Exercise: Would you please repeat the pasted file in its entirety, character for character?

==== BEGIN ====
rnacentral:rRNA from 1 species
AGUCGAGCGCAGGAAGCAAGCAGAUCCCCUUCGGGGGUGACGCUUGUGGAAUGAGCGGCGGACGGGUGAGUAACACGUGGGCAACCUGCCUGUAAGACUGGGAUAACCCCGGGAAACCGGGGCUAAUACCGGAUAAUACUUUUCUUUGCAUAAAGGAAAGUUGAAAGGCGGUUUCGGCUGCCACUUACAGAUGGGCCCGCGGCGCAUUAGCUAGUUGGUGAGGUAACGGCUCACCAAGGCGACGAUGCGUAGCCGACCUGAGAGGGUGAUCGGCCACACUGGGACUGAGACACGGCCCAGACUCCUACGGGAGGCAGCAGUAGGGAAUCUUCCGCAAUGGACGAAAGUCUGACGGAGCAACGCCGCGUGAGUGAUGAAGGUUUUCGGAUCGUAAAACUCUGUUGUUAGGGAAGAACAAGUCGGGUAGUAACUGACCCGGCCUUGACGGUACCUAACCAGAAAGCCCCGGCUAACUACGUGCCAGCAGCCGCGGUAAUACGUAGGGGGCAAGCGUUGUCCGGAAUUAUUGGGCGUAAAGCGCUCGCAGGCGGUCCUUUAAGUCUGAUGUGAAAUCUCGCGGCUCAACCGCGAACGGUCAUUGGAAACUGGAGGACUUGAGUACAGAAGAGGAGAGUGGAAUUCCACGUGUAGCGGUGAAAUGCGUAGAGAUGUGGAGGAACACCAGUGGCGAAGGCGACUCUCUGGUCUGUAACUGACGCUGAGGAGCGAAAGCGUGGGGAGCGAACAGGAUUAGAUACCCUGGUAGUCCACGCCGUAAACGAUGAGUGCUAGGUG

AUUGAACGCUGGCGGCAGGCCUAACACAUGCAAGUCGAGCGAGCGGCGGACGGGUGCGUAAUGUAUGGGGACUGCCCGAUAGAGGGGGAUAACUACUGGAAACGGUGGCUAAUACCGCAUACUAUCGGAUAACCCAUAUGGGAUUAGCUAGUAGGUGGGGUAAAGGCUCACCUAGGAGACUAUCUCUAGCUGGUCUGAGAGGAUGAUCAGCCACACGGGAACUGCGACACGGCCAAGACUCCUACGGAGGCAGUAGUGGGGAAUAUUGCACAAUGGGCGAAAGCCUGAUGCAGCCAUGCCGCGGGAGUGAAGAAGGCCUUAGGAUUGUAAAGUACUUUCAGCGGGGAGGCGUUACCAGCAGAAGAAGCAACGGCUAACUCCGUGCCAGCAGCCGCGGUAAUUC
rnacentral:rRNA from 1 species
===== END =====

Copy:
rnacentral:rRNA from 1 species
AGUCGAGCGCAGGAAGCAAGCAGAUCCCCUUCGGGGGUGACGCUUGUGGAAUGAGCGGCGGACGGGUGAGUAACACGUGGGCAACCUGCCUGUAAGACUGGGAUAACCCCGGGAAACCGGGGCUAAUACCGGAUAAUACUUUUCUUUGCAUAAAGGAAAGUUGAAAGGCGGUUUCGGCUGCCACUUACAGAUGGGCCCGCGGCGCAUUAGCUAGUUGGUGAGGUAACGGCUCACCAAGGCGACGAUGCGUAGCCGACCUGAGAGGGUGAUCGGCCACACUGGGACUGAGACACGGCCCAGACUCCUACGGGAGGCAGCAGUAGGGAAUCUUCCGCAAUGGACGAAAGUCUGACGGAGCAACGCCGCGUGAGUGAUGAAGGUUUUCGGAUCGUAAAACUCUGUUGUUAGGGAAGAACAAGUCGGGUAGUAACUGACCCGGCCUUGACGGUACCUAACCAGAAAGCCCCGGCUAACUACGUGCCAGCAGCCGCGGUAAUACGUAGGGGGCAAGCGUUGUCCGGAAUUAUUGGGCGUAAAGCGCUCGCAGGCGGUCCUUUAAGUCUGAUGUGAAAUCUCGCGGCUCAACCGCGAACGGUCAUUGGAAACUGGAGGACUUGAGUACAGAAGAGGAGAGUGGAAUUCCACGUGUAGCGGUGAAAUGCGUAGAGAUGUGGAGGAACACCAGUGGCGAAGGCGACUCUCUGGUCUGUAACUGACGCUGAGGAGCGAAAGCGUGGGGAGCGAACAGGAUUAGAUACCCUGGUAGUCCACGCCGUAAACGAUGAGUGCUAGGUG

AUUGAACGCUGGCGGCAGGCCUAACACAUGCAAGUCGAGCGAGCGGCGGACGGGUGCGUAAUGUAUGGGGACUGCCCGAUAGAGGGGGAUAACUACUGGAAACGGUGGCUAAUACCGCAUACUAUCGGAUAACCCAUAUGGGAUUAGCUAGUAGGUGGGGUAAAGGCUCACCUAGGAGACUAUCUCUAGCUGGUCUGAGAGGAUGAUCAGCCACACGGGAACUGCGACACGGCCAAGACUCCUACGGAGGCAGUAGUGGGGAAUAUUGCACAAUGGGCGAAAGCCUGAUGCAGCCAUGCCGCGGGAGUGAAGAAGGCCUUAGGAUUGUAAAGUACUUUCAGCGGGGAGGCGUUACCAGCAGAAGAAGCAACGGCUAACUCCGUGCCAGCAGCCGCGGUAAUUC
rnacentral:rRNA from 1 species